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CES 2020: Fortifying the Interconnected City of the Future

At this year's Consumer Electronics Show, cybersecurity industry experts discussed how the private sector could prepare the public and governments for the brave new world of hacking and system intrusions.

CES cybersecurity panel
From left: Diana Blass, journalist with Kurrant Insights; Ami Dotan, CEO and co-founder of Karamba Security; Alissa Knight, partner at Knight Ink; Sameer Sharma, general manager at Intel.
LAS VEGAS — As this year's Consumer Electronics Show got underway in Las Vegas, cities and states across the country readied themselves for the potentiality of a cyberattack from Iran. Vegas itself, was saddled with a cyberincident on the opening day of the show, which made the remarks at the CES session Top Security Trends in Smart Cities seem all the more urgent. 

Panelists from the cyber industry discussed the emerging world of data and interconnectedness, agreeing that by making communities and products "smarter" they were ironically making them that much more vulnerable to cyberattack.   

"A lot of people think 'I'm not susceptible to being hacked because I'm not driving around in a Tesla.' But any car made after 2001 is connected to GSM [the Global System for Mobile Communications] and is a target," said panelist Alissa Knight, of Knight Ink, a marketing and advertising firm focused on cybersecurity.  

Knight, a self-admitted "recovering hacker" who described her life and transition from Black Hat lawbreaker to White Hat cyberprofessional as the "typical Hollywood story."

"I hacked into a government network in 1997. I was caught, I was arrested, and I went to go work for the U.S. government in cyberwarfare," said Knight. But the world of hacking and cyberwar, which was mostly about defacing government websites at the time, has changed immensely since then, she said.

"It's one thing to deface a website, it's another thing to take control of a car that your family is in," she said. 

Knight would know, since she's spent the last few years hacking into cars and manipulating them for research purposes. From a remote location, Knight is typically able to control a car's steering wheel, push the gas or pump the brakes, she said, admitting that in one particular case she accidentally ran the test car into the side of a building.

These powers in the wrong hands pose grave security risks, she warned.

"Why fly a plane into a building when you can just do it from your cave and cause just as much panic through terrorism remotely?" Knight posed.  

Ami Dotan, CEO of Karamba Security, said the risk is amplified by the fact that hacking tools are now very accessible. He gave the audience some examples of exposed systems his team could find by using Internet scanning tools that anyone could download: controls for gas stations, electric vehicles, even a high-rise's emergency generator. Many devices, designed for connectivity and convenience, have built-in and obvious weaknesses, he said.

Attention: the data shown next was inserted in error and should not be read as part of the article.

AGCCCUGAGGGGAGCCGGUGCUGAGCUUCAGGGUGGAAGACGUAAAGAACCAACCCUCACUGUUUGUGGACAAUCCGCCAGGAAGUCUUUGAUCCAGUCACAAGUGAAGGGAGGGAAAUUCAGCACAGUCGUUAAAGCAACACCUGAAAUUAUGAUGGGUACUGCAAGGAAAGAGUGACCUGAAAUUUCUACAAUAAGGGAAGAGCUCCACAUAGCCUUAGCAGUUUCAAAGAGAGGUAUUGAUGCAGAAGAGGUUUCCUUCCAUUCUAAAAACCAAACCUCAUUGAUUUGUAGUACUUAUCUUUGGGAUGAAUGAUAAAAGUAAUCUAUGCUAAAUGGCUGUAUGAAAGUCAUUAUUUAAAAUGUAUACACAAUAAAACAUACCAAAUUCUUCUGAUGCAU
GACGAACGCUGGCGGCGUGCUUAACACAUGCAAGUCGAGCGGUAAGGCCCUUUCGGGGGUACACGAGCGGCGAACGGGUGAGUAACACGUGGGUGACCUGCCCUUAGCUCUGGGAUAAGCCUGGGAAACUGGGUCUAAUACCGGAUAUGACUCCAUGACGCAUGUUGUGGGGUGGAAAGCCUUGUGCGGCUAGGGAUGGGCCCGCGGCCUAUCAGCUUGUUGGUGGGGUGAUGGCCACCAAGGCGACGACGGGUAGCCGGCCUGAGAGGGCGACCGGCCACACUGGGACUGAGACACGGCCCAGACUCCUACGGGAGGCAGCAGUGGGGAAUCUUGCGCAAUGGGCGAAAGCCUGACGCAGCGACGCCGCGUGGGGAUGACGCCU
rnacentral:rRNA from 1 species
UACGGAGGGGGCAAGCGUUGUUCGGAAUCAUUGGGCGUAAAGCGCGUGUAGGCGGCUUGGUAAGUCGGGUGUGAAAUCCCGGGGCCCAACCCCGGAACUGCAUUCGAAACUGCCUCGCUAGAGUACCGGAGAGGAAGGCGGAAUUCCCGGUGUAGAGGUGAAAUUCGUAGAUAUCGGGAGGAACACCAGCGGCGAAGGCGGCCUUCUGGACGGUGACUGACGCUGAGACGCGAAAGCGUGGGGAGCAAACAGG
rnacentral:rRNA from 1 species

"We don't want to waste time, we love those gadgets that make a life easier and more efficient," said Dotan. "But connectivity comes with a huge risk."

The hacking crisis is made worse by the urbanization of communities around the globe, a trend that is creating exponentially more data — approximately 16.5 zettabytes and counting — and the task of securing that data is becoming increasingly more difficult, said Sameer Sharma, Intel's general manager for IoT Solutions.

"Three million people are moving into urban areas every week. ... When we are bringing all these people in, we are also creating a lot more data," Sharma explained. 

Because of this, he advocates for taking a "data-centric" view of cybersecurity that takes into account how urban populations are directly tied to data creation.

Panelists generally agreed that solutions for city officials would have to be diverse and multifaceted and could include regulations, but also that the solutions start with the relationship between the vendor and the consumer.  

Knight said she felt that an increased consumer knowledge and focus on cybersecurity could help pressure vendors to be more responsible with their designs. Dotan agreed and advocated for normalizing cybersecurity standards, much the same way that working airbags are considered basic security for a car. Security should be viewed as a marketing advantage, he added. 

"If consumers are aware that cybersecurity is an issue and that [a lack of] it makes a platform less safe, then they will require it [from vendors]," said Dotan.  

Information security officers also need to be able to better at cataloguing the devices under their domain to better protect them, Knight said.   

"You can't protect what you don't know you have," she said. "If there's anyone in the audience in charge of security for their city, one of the most systemic problems that I've found in my career is that a lot of CISOs ... don't have asset catalogs, they don't know how many CCTV cameras they have, and they don't know who's patching them. That's a huge problem." 

Lucas Ropek is a former staff writer for Government Technology.
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